How to Become a Medical Transcriptionist

If you are interested about medicine but do not see yourself performing real hospital work, you might want to listen, read and write about it instead. You can transcribe medical reports, discharge summaries and create other administrative documents. Welcome to the world of medical transcription.

As a medical transcriptionist, you'll have the option to work in a hospital setting, clinics, health agencies, medical libraries or even right in the comfort of your very own home. The tools of the trade of a medical transcriptionist include a headset, a foot pedal and a computer with word processing software.

Before you can become a medical transcriptionist, you have to ask yourself if you have the skills that will make you succeed on this job. You need to be able to sit and concentrate for long hours typing what you hear on the headset. To be able to transfer the audio recording as text, you need to have excellent listening skills as well. You should also be able to understand medical terms and jargon, which brings us to our next discussion.

You should enroll in a medical transcription training program offered by your local technical school or vocational college. If you have a medical course for a background and have the right network of doctors you can contact for work, you might be able to still get a job without enrolling in a course. But because the medical industry puts a premium on credentials and training, it is highly-recommended that you finish a medical transcription program.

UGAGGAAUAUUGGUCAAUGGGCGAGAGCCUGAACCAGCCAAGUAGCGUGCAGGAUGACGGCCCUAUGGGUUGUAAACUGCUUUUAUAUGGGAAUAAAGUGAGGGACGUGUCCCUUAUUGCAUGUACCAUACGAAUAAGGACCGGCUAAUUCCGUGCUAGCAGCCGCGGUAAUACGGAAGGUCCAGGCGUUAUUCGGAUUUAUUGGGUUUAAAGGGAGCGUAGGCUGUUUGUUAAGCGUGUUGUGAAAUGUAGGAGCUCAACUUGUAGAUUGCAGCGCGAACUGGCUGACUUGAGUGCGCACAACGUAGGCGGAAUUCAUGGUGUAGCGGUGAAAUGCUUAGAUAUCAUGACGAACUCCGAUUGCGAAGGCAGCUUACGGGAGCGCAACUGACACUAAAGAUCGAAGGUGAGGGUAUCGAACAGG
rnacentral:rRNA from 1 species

The next step you need to take is to pass the Association for Healthcare Documentation and Integrity Registered (AHDI) Medical Transcriptionist exam which qualifies you as a Level 1 registered medical transcriptionist (RMT). This is the entry-level certification for those with less than two years work experience in medical transcription. If you are fresh from the oven, so to speak, this is a very valuable certification that will help you get a job in already established transcription companies or enhance your qualifications to potential clients if you want to work for yourself.

When you are already armed with your RMT designation, you can start looking for work in hospitals, transcription firms, laboratories, medical libraries and government medical facilities. If you would like to work from home and not be connected to any firm, you will need to network with doctors and hospitals. It might be challenging at first to find clients but if you do succeed, the added benefit of being able to control your own work schedule makes it all worthwhile.

After two years work experience in a variety of specializations as an RMT, you are then eligible to take the AHDI exam so you can become a certified medical transcriptionist (CMT). Passing the CMT test is a mark of competence in the field and is valid for three years. This is not the end of it, however. You will need to continue studying during those three years so you can get recertified. With experience and certification, you could become a supervisor, consultant or teacher.

If you believe that you have what it takes to be a Medical Transcriptionist, then the first step is the Certified Medical Transcriptionist Exam Study Guide that walks you through the entire Medical Transcriptionist hiring process.

For more information, go to our page for the Certified Medical Transcriptionist Exam Study Guide.

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